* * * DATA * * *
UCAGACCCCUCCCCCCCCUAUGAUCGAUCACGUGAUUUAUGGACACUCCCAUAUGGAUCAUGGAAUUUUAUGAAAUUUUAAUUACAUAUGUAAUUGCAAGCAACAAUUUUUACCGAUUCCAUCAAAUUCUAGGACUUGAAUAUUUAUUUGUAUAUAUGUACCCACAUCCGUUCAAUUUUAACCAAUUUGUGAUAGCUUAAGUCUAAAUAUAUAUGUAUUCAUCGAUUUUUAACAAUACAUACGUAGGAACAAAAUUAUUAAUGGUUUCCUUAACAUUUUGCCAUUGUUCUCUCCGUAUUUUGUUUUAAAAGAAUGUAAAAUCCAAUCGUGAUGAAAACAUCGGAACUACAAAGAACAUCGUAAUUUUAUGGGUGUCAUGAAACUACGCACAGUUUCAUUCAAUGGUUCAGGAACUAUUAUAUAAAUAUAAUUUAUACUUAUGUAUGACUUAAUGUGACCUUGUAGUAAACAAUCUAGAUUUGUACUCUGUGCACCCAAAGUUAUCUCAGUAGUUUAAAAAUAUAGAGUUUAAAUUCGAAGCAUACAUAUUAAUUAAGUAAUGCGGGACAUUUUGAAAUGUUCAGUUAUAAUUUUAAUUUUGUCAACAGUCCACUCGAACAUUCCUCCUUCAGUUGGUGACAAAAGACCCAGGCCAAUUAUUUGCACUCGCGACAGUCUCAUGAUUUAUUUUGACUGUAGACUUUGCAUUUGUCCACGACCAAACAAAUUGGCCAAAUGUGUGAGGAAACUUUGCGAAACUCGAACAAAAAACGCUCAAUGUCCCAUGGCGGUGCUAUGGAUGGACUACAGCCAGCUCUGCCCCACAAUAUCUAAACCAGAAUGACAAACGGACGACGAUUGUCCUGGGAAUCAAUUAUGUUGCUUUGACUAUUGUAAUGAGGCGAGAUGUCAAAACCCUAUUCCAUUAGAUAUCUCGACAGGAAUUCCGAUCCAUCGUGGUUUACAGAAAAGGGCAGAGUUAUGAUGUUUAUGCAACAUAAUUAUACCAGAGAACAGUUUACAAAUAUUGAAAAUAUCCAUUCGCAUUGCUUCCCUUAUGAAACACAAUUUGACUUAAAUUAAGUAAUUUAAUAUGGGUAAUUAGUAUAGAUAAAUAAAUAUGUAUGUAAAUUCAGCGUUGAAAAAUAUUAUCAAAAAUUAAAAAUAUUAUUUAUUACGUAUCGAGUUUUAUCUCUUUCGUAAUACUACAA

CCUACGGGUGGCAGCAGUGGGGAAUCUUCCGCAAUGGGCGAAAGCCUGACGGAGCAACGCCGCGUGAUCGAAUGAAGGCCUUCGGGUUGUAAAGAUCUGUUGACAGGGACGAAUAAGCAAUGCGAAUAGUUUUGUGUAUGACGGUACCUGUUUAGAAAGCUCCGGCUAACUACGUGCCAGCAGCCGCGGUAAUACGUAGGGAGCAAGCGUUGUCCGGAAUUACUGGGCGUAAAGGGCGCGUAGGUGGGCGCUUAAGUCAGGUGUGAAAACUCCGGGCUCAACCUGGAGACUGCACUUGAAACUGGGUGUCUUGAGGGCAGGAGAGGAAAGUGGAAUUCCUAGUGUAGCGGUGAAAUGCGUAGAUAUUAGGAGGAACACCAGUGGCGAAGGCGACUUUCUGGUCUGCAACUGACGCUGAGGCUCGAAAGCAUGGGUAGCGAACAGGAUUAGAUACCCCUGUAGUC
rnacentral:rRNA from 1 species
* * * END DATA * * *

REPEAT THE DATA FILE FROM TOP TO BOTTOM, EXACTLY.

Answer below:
UCAGACCCCUCCCCCCCCUAUGAUCGAUCACGUGAUUUAUGGACACUCCCAUAUGGAUCAUGGAAUUUUAUGAAAUUUUAAUUACAUAUGUAAUUGCAAGCAACAAUUUUUACCGAUUCCAUCAAAUUCUAGGACUUGAAUAUUUAUUUGUAUAUAUGUACCCACAUCCGUUCAAUUUUAACCAAUUUGUGAUAGCUUAAGUCUAAAUAUAUAUGUAUUCAUCGAUUUUUAACAAUACAUACGUAGGAACAAAAUUAUUAAUGGUUUCCUUAACAUUUUGCCAUUGUUCUCUCCGUAUUUUGUUUUAAAAGAAUGUAAAAUCCAAUCGUGAUGAAAACAUCGGAACUACAAAGAACAUCGUAAUUUUAUGGGUGUCAUGAAACUACGCACAGUUUCAUUCAAUGGUUCAGGAACUAUUAUAUAAAUAUAAUUUAUACUUAUGUAUGACUUAAUGUGACCUUGUAGUAAACAAUCUAGAUUUGUACUCUGUGCACCCAAAGUUAUCUCAGUAGUUUAAAAAUAUAGAGUUUAAAUUCGAAGCAUACAUAUUAAUUAAGUAAUGCGGGACAUUUUGAAAUGUUCAGUUAUAAUUUUAAUUUUGUCAACAGUCCACUCGAACAUUCCUCCUUCAGUUGGUGACAAAAGACCCAGGCCAAUUAUUUGCACUCGCGACAGUCUCAUGAUUUAUUUUGACUGUAGACUUUGCAUUUGUCCACGACCAAACAAAUUGGCCAAAUGUGUGAGGAAACUUUGCGAAACUCGAACAAAAAACGCUCAAUGUCCCAUGGCGGUGCUAUGGAUGGACUACAGCCAGCUCUGCCCCACAAUAUCUAAACCAGAAUGACAAACGGACGACGAUUGUCCUGGGAAUCAAUUAUGUUGCUUUGACUAUUGUAAUGAGGCGAGAUGUCAAAACCCUAUUCCAUUAGAUAUCUCGACAGGAAUUCCGAUCCAUCGUGGUUUACAGAAAAGGGCAGAGUUAUGAUGUUUAUGCAACAUAAUUAUACCAGAGAACAGUUUACAAAUAUUGAAAAUAUCCAUUCGCAUUGCUUCCCUUAUGAAACACAAUUUGACUUAAAUUAAGUAAUUUAAUAUGGGUAAUUAGUAUAGAUAAAUAAAUAUGUAUGUAAAUUCAGCGUUGAAAAAUAUUAUCAAAAAUUAAAAAUAUUAUUUAUUACGUAUCGAGUUUUAUCUCUUUCGUAAUACUACAA

CCUACGGGUGGCAGCAGUGGGGAAUCUUCCGCAAUGGGCGAAAGCCUGACGGAGCAACGCCGCGUGAUCGAAUGAAGGCCUUCGGGUUGUAAAGAUCUGUUGACAGGGACGAAUAAGCAAUGCGAAUAGUUUUGUGUAUGACGGUACCUGUUUAGAAAGCUCCGGCUAACUACGUGCCAGCAGCCGCGGUAAUACGUAGGGAGCAAGCGUUGUCCGGAAUUACUGGGCGUAAAGGGCGCGUAGGUGGGCGCUUAAGUCAGGUGUGAAAACUCCGGGCUCAACCUGGAGACUGCACUUGAAACUGGGUGUCUUGAGGGCAGGAGAGGAAAGUGGAAUUCCUAGUGUAGCGGUGAAAUGCGUAGAUAUUAGGAGGAACACCAGUGGCGAAGGCGACUUUCUGGUCUGCAACUGACGCUGAGGCUCGAAAGCAUGGGUAGCGAACAGGAUUAGAUACCCCUGUAGUC
rnacentral:rRNA from 1 species